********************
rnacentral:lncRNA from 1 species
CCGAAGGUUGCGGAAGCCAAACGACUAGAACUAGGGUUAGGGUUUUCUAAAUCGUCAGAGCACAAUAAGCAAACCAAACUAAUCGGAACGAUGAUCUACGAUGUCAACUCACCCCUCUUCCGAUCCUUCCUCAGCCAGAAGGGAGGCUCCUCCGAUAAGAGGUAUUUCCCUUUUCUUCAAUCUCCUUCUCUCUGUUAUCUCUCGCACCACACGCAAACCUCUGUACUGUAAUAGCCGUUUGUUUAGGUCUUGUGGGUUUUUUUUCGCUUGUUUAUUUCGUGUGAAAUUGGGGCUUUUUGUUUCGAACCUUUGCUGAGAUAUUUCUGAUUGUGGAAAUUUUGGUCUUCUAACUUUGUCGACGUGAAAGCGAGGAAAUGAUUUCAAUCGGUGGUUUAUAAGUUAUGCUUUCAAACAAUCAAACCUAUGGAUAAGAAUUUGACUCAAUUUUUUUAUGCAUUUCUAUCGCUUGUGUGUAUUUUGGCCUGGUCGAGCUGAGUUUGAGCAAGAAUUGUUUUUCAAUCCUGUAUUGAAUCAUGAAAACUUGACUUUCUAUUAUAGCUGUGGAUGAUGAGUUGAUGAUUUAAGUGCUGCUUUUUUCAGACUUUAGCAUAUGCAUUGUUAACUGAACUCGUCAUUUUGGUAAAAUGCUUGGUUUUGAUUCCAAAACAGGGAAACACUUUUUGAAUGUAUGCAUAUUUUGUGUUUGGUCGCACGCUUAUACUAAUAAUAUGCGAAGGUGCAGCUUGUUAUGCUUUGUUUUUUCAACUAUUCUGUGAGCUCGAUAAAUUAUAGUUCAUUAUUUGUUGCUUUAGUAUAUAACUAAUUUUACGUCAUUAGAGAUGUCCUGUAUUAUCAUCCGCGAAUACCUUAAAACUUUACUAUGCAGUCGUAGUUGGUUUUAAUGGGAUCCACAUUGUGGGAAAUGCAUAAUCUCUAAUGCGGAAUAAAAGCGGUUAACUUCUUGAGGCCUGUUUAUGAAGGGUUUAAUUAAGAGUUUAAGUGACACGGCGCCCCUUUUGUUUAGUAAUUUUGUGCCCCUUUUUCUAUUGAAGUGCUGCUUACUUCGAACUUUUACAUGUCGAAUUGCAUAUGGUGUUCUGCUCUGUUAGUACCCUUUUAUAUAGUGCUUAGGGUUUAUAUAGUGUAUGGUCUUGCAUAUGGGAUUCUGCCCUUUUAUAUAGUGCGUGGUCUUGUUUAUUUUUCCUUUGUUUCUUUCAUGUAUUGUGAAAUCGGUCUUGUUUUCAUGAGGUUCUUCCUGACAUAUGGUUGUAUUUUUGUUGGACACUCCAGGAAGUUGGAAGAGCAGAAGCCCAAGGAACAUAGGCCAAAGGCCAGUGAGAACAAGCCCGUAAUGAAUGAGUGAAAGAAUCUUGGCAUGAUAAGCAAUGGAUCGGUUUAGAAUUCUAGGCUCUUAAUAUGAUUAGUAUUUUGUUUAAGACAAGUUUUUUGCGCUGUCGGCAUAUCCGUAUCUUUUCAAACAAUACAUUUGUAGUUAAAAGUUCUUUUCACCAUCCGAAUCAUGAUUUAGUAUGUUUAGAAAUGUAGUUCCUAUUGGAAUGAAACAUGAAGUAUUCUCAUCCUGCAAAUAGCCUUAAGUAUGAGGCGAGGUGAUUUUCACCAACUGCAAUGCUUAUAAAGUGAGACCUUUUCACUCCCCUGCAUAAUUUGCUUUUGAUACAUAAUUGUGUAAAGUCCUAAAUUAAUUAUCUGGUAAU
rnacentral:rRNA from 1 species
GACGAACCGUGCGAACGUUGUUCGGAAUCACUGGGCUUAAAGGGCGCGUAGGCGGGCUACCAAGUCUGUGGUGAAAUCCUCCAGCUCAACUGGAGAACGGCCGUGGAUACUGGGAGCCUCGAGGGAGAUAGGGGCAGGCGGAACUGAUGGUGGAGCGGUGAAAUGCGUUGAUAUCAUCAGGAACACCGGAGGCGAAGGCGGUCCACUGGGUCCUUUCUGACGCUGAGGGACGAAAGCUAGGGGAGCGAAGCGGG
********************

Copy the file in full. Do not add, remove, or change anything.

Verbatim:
rnacentral:lncRNA from 1 species
CCGAAGGUUGCGGAAGCCAAACGACUAGAACUAGGGUUAGGGUUUUCUAAAUCGUCAGAGCACAAUAAGCAAACCAAACUAAUCGGAACGAUGAUCUACGAUGUCAACUCACCCCUCUUCCGAUCCUUCCUCAGCCAGAAGGGAGGCUCCUCCGAUAAGAGGUAUUUCCCUUUUCUUCAAUCUCCUUCUCUCUGUUAUCUCUCGCACCACACGCAAACCUCUGUACUGUAAUAGCCGUUUGUUUAGGUCUUGUGGGUUUUUUUUCGCUUGUUUAUUUCGUGUGAAAUUGGGGCUUUUUGUUUCGAACCUUUGCUGAGAUAUUUCUGAUUGUGGAAAUUUUGGUCUUCUAACUUUGUCGACGUGAAAGCGAGGAAAUGAUUUCAAUCGGUGGUUUAUAAGUUAUGCUUUCAAACAAUCAAACCUAUGGAUAAGAAUUUGACUCAAUUUUUUUAUGCAUUUCUAUCGCUUGUGUGUAUUUUGGCCUGGUCGAGCUGAGUUUGAGCAAGAAUUGUUUUUCAAUCCUGUAUUGAAUCAUGAAAACUUGACUUUCUAUUAUAGCUGUGGAUGAUGAGUUGAUGAUUUAAGUGCUGCUUUUUUCAGACUUUAGCAUAUGCAUUGUUAACUGAACUCGUCAUUUUGGUAAAAUGCUUGGUUUUGAUUCCAAAACAGGGAAACACUUUUUGAAUGUAUGCAUAUUUUGUGUUUGGUCGCACGCUUAUACUAAUAAUAUGCGAAGGUGCAGCUUGUUAUGCUUUGUUUUUUCAACUAUUCUGUGAGCUCGAUAAAUUAUAGUUCAUUAUUUGUUGCUUUAGUAUAUAACUAAUUUUACGUCAUUAGAGAUGUCCUGUAUUAUCAUCCGCGAAUACCUUAAAACUUUACUAUGCAGUCGUAGUUGGUUUUAAUGGGAUCCACAUUGUGGGAAAUGCAUAAUCUCUAAUGCGGAAUAAAAGCGGUUAACUUCUUGAGGCCUGUUUAUGAAGGGUUUAAUUAAGAGUUUAAGUGACACGGCGCCCCUUUUGUUUAGUAAUUUUGUGCCCCUUUUUCUAUUGAAGUGCUGCUUACUUCGAACUUUUACAUGUCGAAUUGCAUAUGGUGUUCUGCUCUGUUAGUACCCUUUUAUAUAGUGCUUAGGGUUUAUAUAGUGUAUGGUCUUGCAUAUGGGAUUCUGCCCUUUUAUAUAGUGCGUGGUCUUGUUUAUUUUUCCUUUGUUUCUUUCAUGUAUUGUGAAAUCGGUCUUGUUUUCAUGAGGUUCUUCCUGACAUAUGGUUGUAUUUUUGUUGGACACUCCAGGAAGUUGGAAGAGCAGAAGCCCAAGGAACAUAGGCCAAAGGCCAGUGAGAACAAGCCCGUAAUGAAUGAGUGAAAGAAUCUUGGCAUGAUAAGCAAUGGAUCGGUUUAGAAUUCUAGGCUCUUAAUAUGAUUAGUAUUUUGUUUAAGACAAGUUUUUUGCGCUGUCGGCAUAUCCGUAUCUUUUCAAACAAUACAUUUGUAGUUAAAAGUUCUUUUCACCAUCCGAAUCAUGAUUUAGUAUGUUUAGAAAUGUAGUUCCUAUUGGAAUGAAACAUGAAGUAUUCUCAUCCUGCAAAUAGCCUUAAGUAUGAGGCGAGGUGAUUUUCACCAACUGCAAUGCUUAUAAAGUGAGACCUUUUCACUCCCCUGCAUAAUUUGCUUUUGAUACAUAAUUGUGUAAAGUCCUAAAUUAAUUAUCUGGUAAU
rnacentral:rRNA from 1 species
GACGAACCGUGCGAACGUUGUUCGGAAUCACUGGGCUUAAAGGGCGCGUAGGCGGGCUACCAAGUCUGUGGUGAAAUCCUCCAGCUCAACUGGAGAACGGCCGUGGAUACUGGGAGCCUCGAGGGAGAUAGGGGCAGGCGGAACUGAUGGUGGAGCGGUGAAAUGCGUUGAUAUCAUCAGGAACACCGGAGGCGAAGGCGGUCCACUGGGUCCUUUCUGACGCUGAGGGACGAAAGCUAGGGGAGCGAAGCGGG